Crisis across Indian Ocean as 77 die from mosquito virus

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The Independent Online

A mosquito-borne disease on France's far-flung island of La Réunion, which has infected one in seven residents, may be responsible for the deaths of dozens of people, the French Health Minister said.

Xavier Bertrand said 77 deaths in January were "directly or indirectly attributable" to the chikungunya virus on the small island in the western Indian Ocean. This was "a radically new situation, which was not expected, as scientific research showed that chikungunya did not kill."

France is now having to deal with two separate health crises following confirmation that the virulent strain of bird flu, H5N1, has spread to the mainland.

The Prime Minister, Dominique de Villepin, who spent much of Wednesday eating chicken in order to show that home-produced poultry was still safe, will make a special visit to La Réunion this weekend. Many observers believe the government is reacting too late.

The virus takes its name from a Swahili word meaning stooped walk, one of the side effects. Chikungunya is spread by mosquitoes and was first identified in Tanzania in 1952. The symptoms are a high fever, dehydration and severe rashes which can persist for several weeks. The disease also weakens the body's immune system. No cure or vaccine has been developed.

According to the World Health Organisation (WHO), in addition to 1,772 cases of chikungunya on La Réunion, the virus has also been reported on the nearby island of Mauritius, with 206 cases, and in the Seychelles, 1,700km (1,050 miles) to the north, where 1,255 cases have been logged.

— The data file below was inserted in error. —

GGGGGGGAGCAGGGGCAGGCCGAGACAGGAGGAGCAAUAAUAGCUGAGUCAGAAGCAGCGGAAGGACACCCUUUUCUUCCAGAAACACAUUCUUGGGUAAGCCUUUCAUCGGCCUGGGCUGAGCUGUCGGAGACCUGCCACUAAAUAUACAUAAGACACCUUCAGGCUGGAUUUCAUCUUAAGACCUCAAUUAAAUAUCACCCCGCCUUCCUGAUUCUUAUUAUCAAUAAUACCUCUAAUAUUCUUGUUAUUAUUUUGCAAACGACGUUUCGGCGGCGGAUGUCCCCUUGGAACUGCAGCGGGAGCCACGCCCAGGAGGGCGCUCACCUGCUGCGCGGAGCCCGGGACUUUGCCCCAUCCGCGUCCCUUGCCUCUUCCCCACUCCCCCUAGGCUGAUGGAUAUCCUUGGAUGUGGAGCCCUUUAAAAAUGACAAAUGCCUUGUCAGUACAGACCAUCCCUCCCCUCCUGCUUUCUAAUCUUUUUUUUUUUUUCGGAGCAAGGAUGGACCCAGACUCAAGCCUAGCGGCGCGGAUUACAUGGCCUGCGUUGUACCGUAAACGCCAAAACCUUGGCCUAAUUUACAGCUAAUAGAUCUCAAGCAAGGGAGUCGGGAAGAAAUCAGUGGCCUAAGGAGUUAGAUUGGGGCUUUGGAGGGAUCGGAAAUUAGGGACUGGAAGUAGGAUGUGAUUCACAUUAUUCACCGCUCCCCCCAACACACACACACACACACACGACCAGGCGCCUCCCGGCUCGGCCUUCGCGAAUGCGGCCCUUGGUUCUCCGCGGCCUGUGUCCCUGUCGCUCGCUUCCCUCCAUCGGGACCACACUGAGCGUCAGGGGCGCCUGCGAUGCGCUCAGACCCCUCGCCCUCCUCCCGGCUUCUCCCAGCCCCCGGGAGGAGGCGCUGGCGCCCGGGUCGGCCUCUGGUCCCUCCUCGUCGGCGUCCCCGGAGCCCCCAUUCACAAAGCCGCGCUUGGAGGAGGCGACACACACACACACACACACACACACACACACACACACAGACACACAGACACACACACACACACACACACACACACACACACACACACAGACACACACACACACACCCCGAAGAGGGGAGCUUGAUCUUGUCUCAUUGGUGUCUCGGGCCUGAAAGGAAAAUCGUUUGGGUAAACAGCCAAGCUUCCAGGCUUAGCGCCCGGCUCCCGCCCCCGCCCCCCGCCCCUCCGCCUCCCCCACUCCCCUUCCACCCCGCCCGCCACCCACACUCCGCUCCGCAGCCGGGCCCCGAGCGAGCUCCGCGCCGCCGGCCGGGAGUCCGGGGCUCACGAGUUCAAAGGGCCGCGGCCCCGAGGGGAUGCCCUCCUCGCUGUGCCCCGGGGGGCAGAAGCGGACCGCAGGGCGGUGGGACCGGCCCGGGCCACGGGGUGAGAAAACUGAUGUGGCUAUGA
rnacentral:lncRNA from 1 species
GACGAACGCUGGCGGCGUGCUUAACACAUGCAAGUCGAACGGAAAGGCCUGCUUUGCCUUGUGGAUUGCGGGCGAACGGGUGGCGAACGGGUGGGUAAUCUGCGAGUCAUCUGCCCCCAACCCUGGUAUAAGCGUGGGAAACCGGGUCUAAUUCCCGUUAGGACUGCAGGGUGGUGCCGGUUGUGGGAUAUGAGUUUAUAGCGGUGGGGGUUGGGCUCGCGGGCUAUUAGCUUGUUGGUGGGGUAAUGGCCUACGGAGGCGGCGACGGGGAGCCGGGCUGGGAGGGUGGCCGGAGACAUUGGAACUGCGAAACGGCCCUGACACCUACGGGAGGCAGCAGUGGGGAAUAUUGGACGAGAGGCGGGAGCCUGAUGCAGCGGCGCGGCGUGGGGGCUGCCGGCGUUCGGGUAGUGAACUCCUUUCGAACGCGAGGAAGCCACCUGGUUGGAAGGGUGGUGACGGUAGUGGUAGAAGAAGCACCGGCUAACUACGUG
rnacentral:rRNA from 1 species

M. Bertrand has come under attack from opposition Socialists and doctors for not having ordered simple preventive steps at the right time. "The first cases date from March 2005," said Christophe Desagneaux, a doctor in the town of Saint-André on La Réunion. "Drass [the regional department of health and social affairs] asked GPs at the end of December to account for the number of cases by using a system of tables. But we were already too overworked to do this. As a result, the statistics were widely underestimated from the beginning."

For the inhabitants of La Réunion, which is also a popular destination for European tourists, the virus has become part of everyday life. It is estimated that 110,000 people have been infected there since March last year, or one in seven of the population. Doctors say the actual number of affected people may be higher.

France has ordered an extra 400 military personnel to the island and mosquito breeding grounds have been sprayed. One in 10 workers is now off sick, and tourist bookings have collapsed. Residents are being told to remove stagnant water, use mosquito repellents and bed nets, and spray bedrooms at night. M. de Villepin said the entire island should get rid of mosquitoes to stop the disease from spreading.

The WHO is sending a team to help French authorities set up a regional surveillance system. However, the WHO appeared to cast doubt on the extent to which the deaths in La Réunion can be attributed to chikungunya. On its website, the WHO says "chikungunya is rarely fatal," and WHO scientists pointed out that the symptoms were similar to those of dengue fever.

A WHO spokeswoman rejected any comparison with the H5N1 bird flu virus which has killed more than 90 people who had been in close contact with birds. "Chikungunya is not transmissible vertically," said the spokeswoman. "You catch it from a mosquito bite. You will not infect your husband or your children."

Specialists on La Réunion are less categorical. They point to cases where mothers have passed it on to children. An entomologist, Jean-Sébastien Dehecq, told Le Monde newspaper that the symptoms had continued to change. He said doctors "have found symptoms in the past few weeks that have never been described anywhere else".

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